At the beginning of my formal studies as a writer, I met a teacher – a college professor to be precise – who told me not to worry, that he wasn’t “one of those jealous teachers who holds his students back…” I thanked him as if it were a reflex, but about forty-seven seconds later I was stunned. I had no idea this was even a consideration with teachers, but I suppose I’ve been naïve in thinking that a teacher’s one and only job is to inspire the next generation to bigger and better things. It can’t only be to fill them with knowledge, because what are facts and concepts anyway? Just things that occupy our very short time on this planet. I mean, who really needs to know what symbolism is? Personification? Simile? I taught all that stuff to seventh graders because a human being put it into the curriculum. Do we really want young people to catch every instance of hyperbole in a book they’re reading?
The more I thought about the college professor the more I realized that there were so many factors for the statement. He was insecure with his own talent. He told me frequently that there were far better writers than he. The difference was that he’s the one who has kept going. The rest quit. He counted on this, welcomed it, he told me. I don’t blame him, but what did he hold back from me as a result of this insecurity?
It’s difficult, I guess, to be a college writing teacher because the students aren’t just competing with one another, but with the professor as well. A writer might be a threat once he’s reached a specific age, and it’s very easy for someone with influence to pull back teachings and stop a student from advancing forward. There are so many millions of variables when it comes to being a good writer, and holding back one of these variables can be the difference between a young writer quitting from lack of confidence and a writer flourishing. Sometimes it takes fifteen or thirty seconds to propel a student forward for decades. What a crime it is to reserve some of these possibilities and allow them to lie dormant in a jealous and insecure mind, because a student can never, ever know what he’s missing.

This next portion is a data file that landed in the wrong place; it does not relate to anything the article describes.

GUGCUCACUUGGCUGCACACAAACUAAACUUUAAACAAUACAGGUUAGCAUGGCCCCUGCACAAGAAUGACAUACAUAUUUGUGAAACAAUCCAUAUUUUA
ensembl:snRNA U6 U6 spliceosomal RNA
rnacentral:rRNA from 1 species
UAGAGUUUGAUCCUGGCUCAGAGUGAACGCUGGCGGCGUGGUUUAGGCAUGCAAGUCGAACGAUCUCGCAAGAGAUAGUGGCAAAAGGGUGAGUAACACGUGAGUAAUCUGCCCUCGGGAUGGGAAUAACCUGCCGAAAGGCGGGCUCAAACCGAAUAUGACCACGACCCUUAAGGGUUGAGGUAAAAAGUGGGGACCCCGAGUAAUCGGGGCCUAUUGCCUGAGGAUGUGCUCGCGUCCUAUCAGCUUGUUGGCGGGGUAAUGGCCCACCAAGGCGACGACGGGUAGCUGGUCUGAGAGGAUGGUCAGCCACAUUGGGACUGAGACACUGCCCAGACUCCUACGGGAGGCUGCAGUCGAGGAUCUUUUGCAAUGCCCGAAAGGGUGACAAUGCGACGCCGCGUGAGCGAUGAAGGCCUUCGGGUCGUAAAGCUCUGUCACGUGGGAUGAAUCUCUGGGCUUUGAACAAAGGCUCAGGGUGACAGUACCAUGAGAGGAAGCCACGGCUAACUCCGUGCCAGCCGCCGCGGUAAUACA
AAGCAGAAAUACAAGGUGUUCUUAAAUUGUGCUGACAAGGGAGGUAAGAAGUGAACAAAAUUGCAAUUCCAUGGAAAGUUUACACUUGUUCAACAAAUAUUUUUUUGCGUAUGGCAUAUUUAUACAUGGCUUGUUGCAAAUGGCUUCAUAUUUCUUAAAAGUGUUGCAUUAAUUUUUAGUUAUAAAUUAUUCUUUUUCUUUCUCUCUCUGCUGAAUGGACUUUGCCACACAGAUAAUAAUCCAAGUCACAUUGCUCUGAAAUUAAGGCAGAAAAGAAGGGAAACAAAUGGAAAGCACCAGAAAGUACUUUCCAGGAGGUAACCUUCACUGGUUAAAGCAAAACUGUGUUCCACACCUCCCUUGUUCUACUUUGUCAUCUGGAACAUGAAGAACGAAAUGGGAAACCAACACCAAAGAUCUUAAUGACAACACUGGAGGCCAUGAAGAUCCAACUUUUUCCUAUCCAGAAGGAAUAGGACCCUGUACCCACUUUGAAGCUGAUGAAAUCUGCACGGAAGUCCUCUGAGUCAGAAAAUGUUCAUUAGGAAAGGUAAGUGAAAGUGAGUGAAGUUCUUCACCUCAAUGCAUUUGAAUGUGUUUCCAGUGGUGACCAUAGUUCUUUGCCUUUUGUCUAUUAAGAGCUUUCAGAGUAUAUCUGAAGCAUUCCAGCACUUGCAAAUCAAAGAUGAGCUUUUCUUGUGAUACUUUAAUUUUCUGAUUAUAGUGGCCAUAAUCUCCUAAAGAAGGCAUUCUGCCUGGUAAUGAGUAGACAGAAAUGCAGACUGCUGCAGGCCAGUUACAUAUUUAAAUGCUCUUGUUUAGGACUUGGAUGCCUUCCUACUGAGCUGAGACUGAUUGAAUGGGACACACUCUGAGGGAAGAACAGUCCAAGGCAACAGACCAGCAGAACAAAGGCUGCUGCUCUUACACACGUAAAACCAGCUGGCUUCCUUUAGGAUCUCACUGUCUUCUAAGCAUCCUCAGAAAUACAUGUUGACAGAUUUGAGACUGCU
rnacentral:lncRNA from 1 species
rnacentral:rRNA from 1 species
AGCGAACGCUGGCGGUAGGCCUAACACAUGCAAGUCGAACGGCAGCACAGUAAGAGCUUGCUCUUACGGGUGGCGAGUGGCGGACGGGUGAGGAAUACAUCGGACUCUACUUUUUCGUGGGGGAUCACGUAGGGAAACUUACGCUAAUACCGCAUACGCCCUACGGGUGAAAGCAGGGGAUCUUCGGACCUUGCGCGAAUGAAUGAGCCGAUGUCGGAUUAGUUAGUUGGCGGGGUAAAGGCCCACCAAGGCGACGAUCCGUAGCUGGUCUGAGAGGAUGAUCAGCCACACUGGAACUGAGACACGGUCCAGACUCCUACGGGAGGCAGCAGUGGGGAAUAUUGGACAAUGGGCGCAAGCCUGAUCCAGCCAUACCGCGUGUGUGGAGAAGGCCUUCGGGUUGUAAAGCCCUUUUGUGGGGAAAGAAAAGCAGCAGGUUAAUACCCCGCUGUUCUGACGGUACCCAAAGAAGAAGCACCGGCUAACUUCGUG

The job of a teacher is to reveal everything he can – to bend and allow the eager student to stand on his shoulders and allow his knowledge to be a jumping-off point. If this isn’t what you are doing as a teacher, you need to quit right now.
High school teachers tend not to subscribe to this garbage because there’s really no threat, right? I mean, most high school students aren’t necessarily interested in absorbing a teacher’s knowledge to propel them into the future. These students just want it to be over with – want the future to come before the knowledge does.
So what the bad high school teacher does is take her jealousy and insecurity out on her peers – on teachers she sees as a threat. A teacher new to a school, even if he’s not a brand new teacher, is susceptible to this, because all he wants is to fit in and keep the machine moving forward until he can get his bearings and experiment with his own methods – make his mark.
The teacher who has been at the school for years has the power to advance or bury the new teacher, and I’m not suggesting that the older teacher should lay everything out on the table and allow the new teacher to flourish, make more money, and secure his own office at her expense. However, what if the new teacher was given all of this at the start? What if he made more money, had a great office, achieved comfortable trust and popularity with his students right from the start?
A teacher who treats her peers this way, especially if she’s a department chair, a principal, a head of school, or a superintendent, will certainly do this to her students and shouldn’t be allowed to call herself a teacher. A teacher is a leader whose job is to make those around her better, and when she works diligently to do the opposite, when she goes out of her way to make those around her worse, she is a complete and utter failure. She’s almost criminal. And she is a teacher in title only.